If you think you’re having a busy week, look at the one actor Claudia Wilkens endured at the end of February.
“Richard (Ooms, her husband) and I were going to a movie at the Lagoon on Monday afternoon when I got a call from Don Stolz at the Old Log (Theater),” Wilkens recalls. “He wanted to know if I was free.”
Wilkens’ availability was good news. The Old Log‘s production of Michael Hollinger’s “Incorruptible,” a farce about grave-robbing monks, had run into a snag. Veteran performer Tom Stolz (Don’s son) had been double-cast in the play as Brother Olf, a rather confused member of the order at the center of the play, and as Agatha, the abbess of a rival convent.
As the show went into previews, a couple of issues arose: Tom Stolz was struggling with the quick costume changes, and as the show’s director, he thought the role needed a performer with more gravity.
Enter Wilkens, a standout in the local theater community for nearly 30 years.
She went in that Tuesday, talked to the Stolzes about the role and took the part. While the cast continued with its previews, she spent time at home with the script. Her husband, also one of the most recognized faces in the local theater community, helped her work on the scenes.
By Friday, the show’s official opening night, Wilkens was ready. “We ran through it a few times during the day and then we were set,” she says.
If a photocopied insert in the program hadn’t announced Wilkens appearance, it would have been tough to know that something was up with “Incorruptible.” Though Agatha only has two scenes in the play, both are important — and quite complex, with most of the cast on stage at once.
Wilkens accounted for herself well that first night. Though she was a bit behind the rest of the performers — occasionally searching for lines — the character was already there, and her performance was very funny. Her co-actors assisted her as much as they could without being too obvious.
“I remember that I got a laugh when I entered and that the audience seemed to like it, but most of the first weekend is a blur,” she says about the first night.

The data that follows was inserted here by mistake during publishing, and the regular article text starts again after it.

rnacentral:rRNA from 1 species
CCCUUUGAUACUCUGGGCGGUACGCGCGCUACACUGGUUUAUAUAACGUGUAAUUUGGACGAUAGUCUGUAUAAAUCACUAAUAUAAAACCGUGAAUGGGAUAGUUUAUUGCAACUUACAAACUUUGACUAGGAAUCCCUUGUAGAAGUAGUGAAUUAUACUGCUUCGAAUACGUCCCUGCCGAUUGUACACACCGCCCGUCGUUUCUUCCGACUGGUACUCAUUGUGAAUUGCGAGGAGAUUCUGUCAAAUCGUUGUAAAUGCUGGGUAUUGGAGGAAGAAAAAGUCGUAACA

Since then, Wilkens has grown into the role. “It got better through the first week and now I feel comfortable with it.”
The show has given Wilkens her first chance to act at the Old Log, the Twin Cities’ oldest professional theater. It might seem like a switch for the actor, who trained in New York City, performed with John Housman’s The Acting Company and the National Theatre of Great Britain, not to mention area stalwarts like the Guthrie, Mixed Blood, the History Theatre and the Jungle. Yet she also has a talent for comedy that makes the Old Log a good fit. Her first Twin Cities role was in “The Music Man” in 1982 at Chanhassen Dinner Theatres.
Performing at the venerable theater also gives Wilkens a chance to act with a couple of old friends — Tom Stolz and Steve Shaffer — in a venue they’ve called their own for decades.
And it means she’ll be working a steady gig until the beginning of June, which is always good for an actor — even a veteran like Wilkens. After that, she and her husband don’t have plans apart from possibly taking a summer vacation, something they’ve never done.
Or something else may come along.
“Acting is that way. After a play finishes, you never think you will act again. Then the next day, you have a job for a year.”
When: Through June 7
Where: Old Log Theater, Excelsior